Whale Stranding In Tasmania As Hundreds Wash Up On Beach


A massive beaching of whales has occurred in Macquarie Harbor near Strahan on Tasmania’s west coast.

Hundreds of whales are reportedly involved in the stranding.

It comes just a day after at least 14 sperm whales died after being stranded on King Island, off Tasmania’s northwest coast, in a marine mystery that has baffled experts.

The whales washed ashore and were discovered Monday afternoon, according to the Tasmania Department of Natural Resources and Environment.

The department confirmed on Tuesday that the carcasses were found at a local fishing spot.

At least 14 sperm whales have died after washing up on King Island (photo courtesy of NRE Tas)

At least 14 sperm whales have died after washing up on King Island (photo courtesy of NRE Tas)

The whale carcasses were found Monday in a local fishing area off the west coast of the island (photo courtesy of NRE Tas)

A plane is scheduled to fly over the island to check for more beached whales.

Wldlife scientist Vanessa Pirotta said the reason the whales went to shore remained “a complete mystery.”

“We just don’t know why this is happening,” she told ABC.

“That’s the million dollar question every time this kind of event happens.”

dr. Pirotta said the stranding could have been caused by a navigational error, or by the group following a whale heading toward shore.

The Department of Natural Resources and Environment said it was not uncommon to see sperm whales in the area.

“It is not uncommon for sperm whales to be sighted in Tasmania and the area where the whales are stranded is within normal range and habitat for sperm whales,” a spokesman told the Daily Mail Australia.

“While further research needs to be done, it’s possible the whales were part of the same bachelor group — a group of younger male sperm whales that interacted after they left the mother group.”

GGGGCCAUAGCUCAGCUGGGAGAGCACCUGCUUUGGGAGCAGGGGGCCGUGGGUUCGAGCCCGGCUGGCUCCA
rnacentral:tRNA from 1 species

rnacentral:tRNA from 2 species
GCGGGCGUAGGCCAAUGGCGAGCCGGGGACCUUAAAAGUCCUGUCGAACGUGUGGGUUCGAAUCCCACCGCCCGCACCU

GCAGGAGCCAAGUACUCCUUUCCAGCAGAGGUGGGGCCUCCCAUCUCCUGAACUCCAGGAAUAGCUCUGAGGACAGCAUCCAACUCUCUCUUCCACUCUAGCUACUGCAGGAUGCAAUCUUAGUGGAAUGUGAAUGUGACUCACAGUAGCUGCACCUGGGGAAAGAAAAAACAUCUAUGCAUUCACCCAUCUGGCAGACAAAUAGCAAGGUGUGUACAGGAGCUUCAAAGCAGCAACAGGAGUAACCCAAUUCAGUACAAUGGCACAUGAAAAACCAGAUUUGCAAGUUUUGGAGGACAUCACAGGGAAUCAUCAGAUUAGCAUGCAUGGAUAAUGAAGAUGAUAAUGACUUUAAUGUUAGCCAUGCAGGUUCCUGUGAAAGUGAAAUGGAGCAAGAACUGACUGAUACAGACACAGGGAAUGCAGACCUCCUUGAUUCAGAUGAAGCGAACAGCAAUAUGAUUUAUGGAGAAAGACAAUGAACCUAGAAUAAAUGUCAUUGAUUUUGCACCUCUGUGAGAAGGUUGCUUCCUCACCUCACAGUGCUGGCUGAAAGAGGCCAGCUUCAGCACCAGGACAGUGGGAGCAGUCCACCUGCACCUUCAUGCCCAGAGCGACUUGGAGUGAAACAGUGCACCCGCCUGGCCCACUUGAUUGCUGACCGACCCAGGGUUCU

Naturalist Vanessa Pirotta said the reason the whales went to shore remained ‘a complete mystery’, but a navigational error was a possibility

The whales were young males, according to the Tasmania Department of Natural Resources and Environment

MCP wildlife biologists and a vet head to King Island to investigate. They will perform a necropsy and take samples

MCP wildlife biologists and a vet head to the island to investigate. They will perform an autopsy whenever possible and collect valuable samples.

Parks and Wildlife Service staff are also on site to monitor the scene.

Residents are advised to stay away.

“Members of the public are being reminded that it is an offense to disturb protected wildlife, including possessing parts of a dead whale, and are asked to keep their distance,” a spokesperson said.

Swimmers and surfers have also been warned to avoid the west coast of King Island, as the whale carcasses can attract sharks.

The department said it was not uncommon to see sperm whales off the coast of King Island

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